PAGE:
The 2020 Presidential Debates: A high school debater’s perspective


Markus Winkler

The first 2020 Presidential debate left many bewildered by the tone set by President Trump and disappointed by the moderator.

Katie Hillemeyer, Editor

There’s no getting around it: that presidential debate on Sept. 29 was a mess. Ad-hominemĀ attacks flew back and forth in the socially-distant room, and it felt much more like 3 family members bickering at a kitchen table rather than 2 people attempting to demonstrate their competency to control nuclear launch systems capable of destroying Earth multiple times over.

Watching the debate as someone who competes in speech and debate, I had a lot of thoughts about how it went to say the least.

In every round I’ve competed in during my 4 years of participating in speech and debate, the competitors have been simultaneously more polite to one another and respectful of the debate process.

I’ve thought about why this may be, and I think that I’ve reached a conclusion about where the difference lies: the power dynamic of the debate.

In a high school debate round, competitors sit facing a judge in the back of the room who is typically a coach or college student. There’s a sense of looming authority present in the room which is felt by the competitors. However, within the presidential debates, the dynamic is flipped. The candidates feel like they have power over the moderator.

This is where the moderator loses control and the debate goes off the rails.

Chris Wallace, moderator of the Trump-Biden debate, said that he saw his role in the debate as being “invisible,” and perhaps that was where everything went wrong. Judges in high school debate can choose to stop a round if they believe that the round is out of control and also have discretion over assigning “speaker points” in the round.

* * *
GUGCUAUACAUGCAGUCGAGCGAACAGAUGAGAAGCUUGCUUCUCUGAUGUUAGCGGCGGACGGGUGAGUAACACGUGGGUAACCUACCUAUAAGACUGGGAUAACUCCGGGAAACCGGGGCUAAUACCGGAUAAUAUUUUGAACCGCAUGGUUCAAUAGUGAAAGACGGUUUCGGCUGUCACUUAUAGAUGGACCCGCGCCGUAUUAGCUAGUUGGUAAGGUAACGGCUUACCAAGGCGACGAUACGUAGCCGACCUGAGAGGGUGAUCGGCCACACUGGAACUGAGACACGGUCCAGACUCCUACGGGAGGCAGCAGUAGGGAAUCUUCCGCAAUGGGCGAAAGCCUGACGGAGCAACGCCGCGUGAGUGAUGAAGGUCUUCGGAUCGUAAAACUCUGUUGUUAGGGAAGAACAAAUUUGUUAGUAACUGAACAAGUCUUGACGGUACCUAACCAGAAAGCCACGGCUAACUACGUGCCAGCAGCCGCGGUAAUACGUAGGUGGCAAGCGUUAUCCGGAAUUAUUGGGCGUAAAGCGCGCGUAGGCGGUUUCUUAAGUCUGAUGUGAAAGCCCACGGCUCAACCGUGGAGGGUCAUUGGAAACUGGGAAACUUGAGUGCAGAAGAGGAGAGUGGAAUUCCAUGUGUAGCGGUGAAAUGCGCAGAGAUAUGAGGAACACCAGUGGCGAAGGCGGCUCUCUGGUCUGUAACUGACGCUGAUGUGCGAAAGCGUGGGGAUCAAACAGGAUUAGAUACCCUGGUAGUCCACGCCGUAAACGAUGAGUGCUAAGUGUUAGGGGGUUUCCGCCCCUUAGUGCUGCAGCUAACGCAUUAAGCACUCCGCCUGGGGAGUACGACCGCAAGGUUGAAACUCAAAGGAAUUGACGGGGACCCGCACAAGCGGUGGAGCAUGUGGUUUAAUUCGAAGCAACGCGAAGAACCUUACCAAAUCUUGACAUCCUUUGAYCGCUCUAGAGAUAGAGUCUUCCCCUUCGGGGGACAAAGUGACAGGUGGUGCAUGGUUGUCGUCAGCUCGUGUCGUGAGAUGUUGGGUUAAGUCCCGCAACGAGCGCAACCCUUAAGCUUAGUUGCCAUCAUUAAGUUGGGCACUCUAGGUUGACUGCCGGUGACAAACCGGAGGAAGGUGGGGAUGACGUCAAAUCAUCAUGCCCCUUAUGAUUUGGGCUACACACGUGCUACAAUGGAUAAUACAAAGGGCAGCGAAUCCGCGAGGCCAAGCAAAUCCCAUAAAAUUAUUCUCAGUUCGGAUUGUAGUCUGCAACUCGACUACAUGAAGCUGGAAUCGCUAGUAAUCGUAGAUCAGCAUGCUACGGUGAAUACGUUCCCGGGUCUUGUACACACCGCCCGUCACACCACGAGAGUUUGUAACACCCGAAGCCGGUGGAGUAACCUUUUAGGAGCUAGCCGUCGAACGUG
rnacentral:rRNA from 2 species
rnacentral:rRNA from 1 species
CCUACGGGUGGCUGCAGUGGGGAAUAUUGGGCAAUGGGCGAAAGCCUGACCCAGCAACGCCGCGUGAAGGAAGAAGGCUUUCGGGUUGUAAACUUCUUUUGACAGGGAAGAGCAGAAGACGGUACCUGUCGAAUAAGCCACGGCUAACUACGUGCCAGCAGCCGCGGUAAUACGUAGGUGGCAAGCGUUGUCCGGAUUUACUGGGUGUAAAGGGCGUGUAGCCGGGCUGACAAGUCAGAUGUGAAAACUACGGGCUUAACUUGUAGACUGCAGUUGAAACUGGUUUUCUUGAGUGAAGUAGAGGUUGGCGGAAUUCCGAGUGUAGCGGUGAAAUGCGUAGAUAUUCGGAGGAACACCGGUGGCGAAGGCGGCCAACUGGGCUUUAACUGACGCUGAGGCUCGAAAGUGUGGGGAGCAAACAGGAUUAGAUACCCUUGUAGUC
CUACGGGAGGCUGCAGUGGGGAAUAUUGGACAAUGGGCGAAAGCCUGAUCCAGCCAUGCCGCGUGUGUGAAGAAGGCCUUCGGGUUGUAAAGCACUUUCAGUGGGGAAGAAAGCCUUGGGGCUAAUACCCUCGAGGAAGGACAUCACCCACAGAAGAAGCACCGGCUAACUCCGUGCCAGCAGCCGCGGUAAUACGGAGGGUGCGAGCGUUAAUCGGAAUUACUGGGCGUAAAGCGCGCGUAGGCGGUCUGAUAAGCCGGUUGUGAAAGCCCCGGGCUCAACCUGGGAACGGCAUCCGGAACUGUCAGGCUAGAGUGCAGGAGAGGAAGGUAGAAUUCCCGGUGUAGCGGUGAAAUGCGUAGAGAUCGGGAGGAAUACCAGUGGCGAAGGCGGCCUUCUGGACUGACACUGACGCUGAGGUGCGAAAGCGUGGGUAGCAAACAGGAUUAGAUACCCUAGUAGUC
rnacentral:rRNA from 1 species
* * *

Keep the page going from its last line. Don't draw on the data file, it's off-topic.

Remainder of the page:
The incentive of the ballot is what drives the round, not jabbing at your opponent, as the win or loss ultimately boils down to that signed sheet of paper. This was an area where I believe Biden succeeded in, or best approached, if the “judge,” in this case is the American public. This, I felt, was shown by his consistent eye contact with the camera and how he related the topics back to those watching at home.

Across the board, I thought that the VP debates were much better in this regard, and I felt that there was intent behind the jabs (like Kamala Harris’s facial expressions) both clearly addressed the American public, and both were heading towards outlining plans for their administrations. Both candidates also showed more respect towards each other, and that was reflected in their total speaking times which differed by only three seconds.

The nuance of analysis runs much deeper within high school debate, because quality (and, to an extent, quantity) of evidence comes before all else. Though many debaters may drop a “this argument is FIRE” or a “my opponent dropped that argument like it’s hot” here and there, if they don’t have the substance to back those statements up, everyone else in the room feels the second-hand embarrassment. However, in a presidential debate, the candidates aren’t bounded to vigorous fact-checking from their audiences because: one, most people simply don’t care and two, by now most people have decided on a candidate so the debates only reinforce those feelings.

Either way, something must be done to bring the focus away from television ratings and bring it back to the issues at hand because neglecting to do so does a disservice to the public and our election process.